Carbon Dioxide (CO2): A product of combustion that has become an environmental concern in recent years. CO2 does not directly impair human health but is a “greenhouse gas” that traps the earth’s heat and contributes to the potential for global warming.

Carbon Sequestration: The absorption and storage of CO2 from the atmosphere by the roots and leaves of plants; the carbon builds up as organic matter in the soil.

Catalyst: A substance whose presence changes the rate of chemical reaction without itself undergoing permanent change in its composition. Catalysts may be accelerators or retarders. Most inorganic catalysts are powdered metals and metal oxides, chiefly used in the petroleum, vehicle and heavy chemical industries.

Cellulose, Cellulosic: The main substance inside plant cell walls that provides the shape and structure of the plant. Cellulose is actually chains of molecules, including glucose, linked together into a strong matrix. This protects the plant from being torn apart by wind, insects or disease. That’s why it’s so hard to break up cellulose to get to the glucose inside!

Ethanol: An alcohol that can be produced chemically from ethylene or biologically from the fermentation of various sugars from carbohydrates found in agricultural crops and cellulosic residues from crops or wood. Ethanol is used throughout much of the world as an octane enhancer and oxygenate in gasoline (E10 and E15) and can be used in higher concentration in flex-fuel vehicles optimized for its use (E85).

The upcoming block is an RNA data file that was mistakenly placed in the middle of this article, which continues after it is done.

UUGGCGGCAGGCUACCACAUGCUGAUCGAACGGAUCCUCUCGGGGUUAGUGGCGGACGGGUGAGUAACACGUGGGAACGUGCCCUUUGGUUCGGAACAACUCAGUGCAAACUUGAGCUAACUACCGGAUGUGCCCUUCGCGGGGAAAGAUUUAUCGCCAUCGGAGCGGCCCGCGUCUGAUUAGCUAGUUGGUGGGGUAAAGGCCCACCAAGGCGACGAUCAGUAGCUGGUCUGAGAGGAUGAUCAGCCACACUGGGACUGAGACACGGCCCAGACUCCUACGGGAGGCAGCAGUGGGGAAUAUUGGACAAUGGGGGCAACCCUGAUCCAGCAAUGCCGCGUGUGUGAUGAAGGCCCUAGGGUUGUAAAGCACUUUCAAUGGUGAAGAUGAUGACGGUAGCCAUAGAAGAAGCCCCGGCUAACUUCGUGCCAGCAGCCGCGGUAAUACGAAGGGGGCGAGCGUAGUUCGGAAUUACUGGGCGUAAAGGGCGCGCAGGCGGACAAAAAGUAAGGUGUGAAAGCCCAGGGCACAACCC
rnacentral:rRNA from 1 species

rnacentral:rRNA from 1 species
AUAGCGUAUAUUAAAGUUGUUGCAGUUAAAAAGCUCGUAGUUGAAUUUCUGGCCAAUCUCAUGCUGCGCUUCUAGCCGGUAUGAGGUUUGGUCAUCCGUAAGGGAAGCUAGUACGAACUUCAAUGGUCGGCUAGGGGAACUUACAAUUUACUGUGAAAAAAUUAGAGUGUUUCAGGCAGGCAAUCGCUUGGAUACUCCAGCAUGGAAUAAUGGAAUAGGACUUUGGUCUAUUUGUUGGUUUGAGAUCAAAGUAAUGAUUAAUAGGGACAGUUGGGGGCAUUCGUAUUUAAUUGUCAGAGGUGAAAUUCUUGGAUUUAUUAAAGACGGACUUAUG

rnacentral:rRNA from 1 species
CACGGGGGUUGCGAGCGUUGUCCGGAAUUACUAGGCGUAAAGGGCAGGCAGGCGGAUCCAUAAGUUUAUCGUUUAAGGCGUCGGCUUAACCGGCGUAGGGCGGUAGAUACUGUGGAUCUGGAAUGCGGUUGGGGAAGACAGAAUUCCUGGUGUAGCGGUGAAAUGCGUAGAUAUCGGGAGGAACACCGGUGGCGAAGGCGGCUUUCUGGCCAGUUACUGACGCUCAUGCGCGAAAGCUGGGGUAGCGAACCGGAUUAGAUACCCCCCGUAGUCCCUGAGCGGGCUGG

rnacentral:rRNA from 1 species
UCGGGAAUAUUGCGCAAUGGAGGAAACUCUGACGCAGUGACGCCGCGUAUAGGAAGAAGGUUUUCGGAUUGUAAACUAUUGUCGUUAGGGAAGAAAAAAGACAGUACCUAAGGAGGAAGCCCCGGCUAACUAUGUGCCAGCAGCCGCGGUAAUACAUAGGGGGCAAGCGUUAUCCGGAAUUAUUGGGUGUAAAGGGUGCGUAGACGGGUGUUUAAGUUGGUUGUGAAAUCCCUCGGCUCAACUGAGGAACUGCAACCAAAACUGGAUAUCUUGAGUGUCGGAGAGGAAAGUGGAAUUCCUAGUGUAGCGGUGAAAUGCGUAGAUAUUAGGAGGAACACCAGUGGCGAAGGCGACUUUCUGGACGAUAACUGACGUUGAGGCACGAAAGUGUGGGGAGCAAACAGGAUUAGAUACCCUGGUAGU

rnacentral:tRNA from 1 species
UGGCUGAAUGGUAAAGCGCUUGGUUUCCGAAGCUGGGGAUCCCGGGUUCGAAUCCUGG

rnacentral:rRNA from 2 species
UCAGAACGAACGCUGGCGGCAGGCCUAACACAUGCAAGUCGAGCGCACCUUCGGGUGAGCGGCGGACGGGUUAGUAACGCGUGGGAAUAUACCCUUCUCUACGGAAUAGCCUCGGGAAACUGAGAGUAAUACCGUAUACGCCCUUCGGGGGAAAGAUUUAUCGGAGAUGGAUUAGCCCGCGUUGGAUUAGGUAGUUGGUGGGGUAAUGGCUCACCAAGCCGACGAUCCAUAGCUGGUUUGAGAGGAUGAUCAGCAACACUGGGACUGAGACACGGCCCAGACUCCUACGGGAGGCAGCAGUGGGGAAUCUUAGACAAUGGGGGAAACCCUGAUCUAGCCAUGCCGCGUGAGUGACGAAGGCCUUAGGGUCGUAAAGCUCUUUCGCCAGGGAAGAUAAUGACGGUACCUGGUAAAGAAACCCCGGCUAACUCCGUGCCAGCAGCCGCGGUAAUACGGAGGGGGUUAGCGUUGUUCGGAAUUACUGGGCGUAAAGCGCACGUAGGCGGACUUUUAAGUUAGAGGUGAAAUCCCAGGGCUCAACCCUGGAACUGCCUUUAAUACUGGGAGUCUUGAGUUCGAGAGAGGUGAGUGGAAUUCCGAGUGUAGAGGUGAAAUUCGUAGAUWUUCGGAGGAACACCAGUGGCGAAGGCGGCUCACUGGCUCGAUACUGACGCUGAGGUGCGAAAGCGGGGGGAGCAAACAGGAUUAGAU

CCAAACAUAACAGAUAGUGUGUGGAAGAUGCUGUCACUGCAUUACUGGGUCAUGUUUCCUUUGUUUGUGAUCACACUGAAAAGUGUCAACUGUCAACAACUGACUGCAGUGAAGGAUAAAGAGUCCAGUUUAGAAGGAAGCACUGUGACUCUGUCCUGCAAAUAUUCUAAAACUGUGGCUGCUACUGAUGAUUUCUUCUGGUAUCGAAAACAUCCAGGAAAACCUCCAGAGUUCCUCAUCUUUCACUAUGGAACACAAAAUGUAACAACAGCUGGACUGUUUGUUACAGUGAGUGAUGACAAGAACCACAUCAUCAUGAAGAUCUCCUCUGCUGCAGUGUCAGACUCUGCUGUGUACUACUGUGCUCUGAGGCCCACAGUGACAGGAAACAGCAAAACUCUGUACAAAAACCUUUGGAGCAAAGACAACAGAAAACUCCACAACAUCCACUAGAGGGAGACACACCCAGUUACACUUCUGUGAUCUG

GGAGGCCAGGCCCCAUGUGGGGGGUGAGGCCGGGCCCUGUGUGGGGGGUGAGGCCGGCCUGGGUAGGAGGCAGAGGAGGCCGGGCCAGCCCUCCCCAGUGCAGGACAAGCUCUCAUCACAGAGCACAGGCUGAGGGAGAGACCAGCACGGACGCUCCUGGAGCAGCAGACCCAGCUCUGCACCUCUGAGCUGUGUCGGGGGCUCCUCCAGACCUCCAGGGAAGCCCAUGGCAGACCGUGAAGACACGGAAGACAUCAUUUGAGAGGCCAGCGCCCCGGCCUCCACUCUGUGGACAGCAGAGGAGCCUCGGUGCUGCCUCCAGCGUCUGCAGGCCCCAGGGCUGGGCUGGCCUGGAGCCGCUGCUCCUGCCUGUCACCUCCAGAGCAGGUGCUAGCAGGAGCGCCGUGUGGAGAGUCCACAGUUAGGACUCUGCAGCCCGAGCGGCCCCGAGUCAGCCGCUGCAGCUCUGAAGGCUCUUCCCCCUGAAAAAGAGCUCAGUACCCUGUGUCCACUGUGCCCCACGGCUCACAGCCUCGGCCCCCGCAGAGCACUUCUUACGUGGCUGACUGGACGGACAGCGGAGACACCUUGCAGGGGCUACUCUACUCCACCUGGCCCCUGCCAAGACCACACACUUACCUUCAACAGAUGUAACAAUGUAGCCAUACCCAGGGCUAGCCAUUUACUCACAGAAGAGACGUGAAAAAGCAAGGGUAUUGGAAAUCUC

Ester: An organic compound formed by reacting an acid with an alcohol, always resulting in the elimination of water.

Ether: A class of organic compounds containing an oxygen atom linked to two organic groups.

Feedstock: Any material converted to another form of fuel or energy product. For example, corn starch can be used as a feedstock for biofuels production.

Fermentation: The enzymatic transformation by microorganisms of organic compounds such as sugars. It is usually accompanied by the evolution of gas, as in the fermentation of glucose into ethanol and CO2.

Flex-Fuel Vehicles (FFV): Vehicles with a common fuel tank designed to run on varying blends of unleaded gasoline with either ethanol or methanol.